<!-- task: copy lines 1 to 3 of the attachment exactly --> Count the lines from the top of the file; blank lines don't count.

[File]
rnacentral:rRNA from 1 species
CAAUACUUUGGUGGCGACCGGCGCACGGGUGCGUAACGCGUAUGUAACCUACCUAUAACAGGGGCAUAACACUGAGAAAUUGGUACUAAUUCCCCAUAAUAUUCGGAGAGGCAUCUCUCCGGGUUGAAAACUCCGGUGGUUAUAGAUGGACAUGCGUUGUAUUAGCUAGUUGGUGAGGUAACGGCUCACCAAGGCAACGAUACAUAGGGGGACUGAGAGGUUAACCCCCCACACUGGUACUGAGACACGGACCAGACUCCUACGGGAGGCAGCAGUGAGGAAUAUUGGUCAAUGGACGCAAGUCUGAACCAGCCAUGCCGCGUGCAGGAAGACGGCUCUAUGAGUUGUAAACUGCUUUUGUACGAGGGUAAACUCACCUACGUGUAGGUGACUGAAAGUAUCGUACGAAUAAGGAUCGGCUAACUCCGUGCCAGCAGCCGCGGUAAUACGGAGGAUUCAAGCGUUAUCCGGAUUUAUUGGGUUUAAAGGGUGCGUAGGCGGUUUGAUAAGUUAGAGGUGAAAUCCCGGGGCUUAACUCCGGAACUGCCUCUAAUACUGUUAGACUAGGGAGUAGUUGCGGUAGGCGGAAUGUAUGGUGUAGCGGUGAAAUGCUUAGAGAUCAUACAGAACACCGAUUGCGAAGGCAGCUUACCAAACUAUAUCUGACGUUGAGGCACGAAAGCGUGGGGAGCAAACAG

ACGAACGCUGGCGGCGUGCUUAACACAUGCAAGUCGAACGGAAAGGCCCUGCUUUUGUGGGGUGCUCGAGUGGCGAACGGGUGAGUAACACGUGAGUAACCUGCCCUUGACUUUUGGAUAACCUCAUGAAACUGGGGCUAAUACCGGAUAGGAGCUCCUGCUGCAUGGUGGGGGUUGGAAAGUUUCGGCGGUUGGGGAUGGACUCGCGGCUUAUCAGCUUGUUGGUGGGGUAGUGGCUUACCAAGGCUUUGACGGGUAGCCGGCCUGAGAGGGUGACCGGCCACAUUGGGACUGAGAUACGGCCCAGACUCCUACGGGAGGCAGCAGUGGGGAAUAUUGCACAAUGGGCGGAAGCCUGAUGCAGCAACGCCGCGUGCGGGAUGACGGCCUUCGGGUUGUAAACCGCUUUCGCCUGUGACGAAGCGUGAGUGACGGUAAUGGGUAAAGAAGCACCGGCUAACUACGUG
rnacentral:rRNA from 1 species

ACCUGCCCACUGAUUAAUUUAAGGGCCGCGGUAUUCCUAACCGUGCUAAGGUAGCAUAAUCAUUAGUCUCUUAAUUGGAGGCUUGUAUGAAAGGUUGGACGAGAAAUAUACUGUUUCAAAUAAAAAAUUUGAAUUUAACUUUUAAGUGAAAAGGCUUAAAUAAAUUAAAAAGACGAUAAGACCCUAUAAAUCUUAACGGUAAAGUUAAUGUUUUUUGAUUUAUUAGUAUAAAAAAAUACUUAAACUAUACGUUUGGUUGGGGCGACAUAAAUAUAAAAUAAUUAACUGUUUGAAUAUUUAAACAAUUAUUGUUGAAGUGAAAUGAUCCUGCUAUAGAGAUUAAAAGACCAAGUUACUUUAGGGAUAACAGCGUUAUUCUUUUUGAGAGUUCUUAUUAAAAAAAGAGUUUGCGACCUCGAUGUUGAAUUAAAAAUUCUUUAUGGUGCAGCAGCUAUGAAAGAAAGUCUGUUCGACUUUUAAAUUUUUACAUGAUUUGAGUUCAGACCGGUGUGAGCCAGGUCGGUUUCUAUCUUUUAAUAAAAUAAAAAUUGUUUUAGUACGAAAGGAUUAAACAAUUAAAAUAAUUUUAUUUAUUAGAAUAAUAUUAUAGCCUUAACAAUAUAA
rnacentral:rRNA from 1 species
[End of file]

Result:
rnacentral:rRNA from 1 species
CAAUACUUUGGUGGCGACCGGCGCACGGGUGCGUAACGCGUAUGUAACCUACCUAUAACAGGGGCAUAACACUGAGAAAUUGGUACUAAUUCCCCAUAAUAUUCGGAGAGGCAUCUCUCCGGGUUGAAAACUCCGGUGGUUAUAGAUGGACAUGCGUUGUAUUAGCUAGUUGGUGAGGUAACGGCUCACCAAGGCAACGAUACAUAGGGGGACUGAGAGGUUAACCCCCCACACUGGUACUGAGACACGGACCAGACUCCUACGGGAGGCAGCAGUGAGGAAUAUUGGUCAAUGGACGCAAGUCUGAACCAGCCAUGCCGCGUGCAGGAAGACGGCUCUAUGAGUUGUAAACUGCUUUUGUACGAGGGUAAACUCACCUACGUGUAGGUGACUGAAAGUAUCGUACGAAUAAGGAUCGGCUAACUCCGUGCCAGCAGCCGCGGUAAUACGGAGGAUUCAAGCGUUAUCCGGAUUUAUUGGGUUUAAAGGGUGCGUAGGCGGUUUGAUAAGUUAGAGGUGAAAUCCCGGGGCUUAACUCCGGAACUGCCUCUAAUACUGUUAGACUAGGGAGUAGUUGCGGUAGGCGGAAUGUAUGGUGUAGCGGUGAAAUGCUUAGAGAUCAUACAGAACACCGAUUGCGAAGGCAGCUUACCAAACUAUAUCUGACGUUGAGGCACGAAAGCGUGGGGAGCAAACAG

ACGAACGCUGGCGGCGUGCUUAACACAUGCAAGUCGAACGGAAAGGCCCUGCUUUUGUGGGGUGCUCGAGUGGCGAACGGGUGAGUAACACGUGAGUAACCUGCCCUUGACUUUUGGAUAACCUCAUGAAACUGGGGCUAAUACCGGAUAGGAGCUCCUGCUGCAUGGUGGGGGUUGGAAAGUUUCGGCGGUUGGGGAUGGACUCGCGGCUUAUCAGCUUGUUGGUGGGGUAGUGGCUUACCAAGGCUUUGACGGGUAGCCGGCCUGAGAGGGUGACCGGCCACAUUGGGACUGAGAUACGGCCCAGACUCCUACGGGAGGCAGCAGUGGGGAAUAUUGCACAAUGGGCGGAAGCCUGAUGCAGCAACGCCGCGUGCGGGAUGACGGCCUUCGGGUUGUAAACCGCUUUCGCCUGUGACGAAGCGUGAGUGACGGUAAUGGGUAAAGAAGCACCGGCUAACUACGUG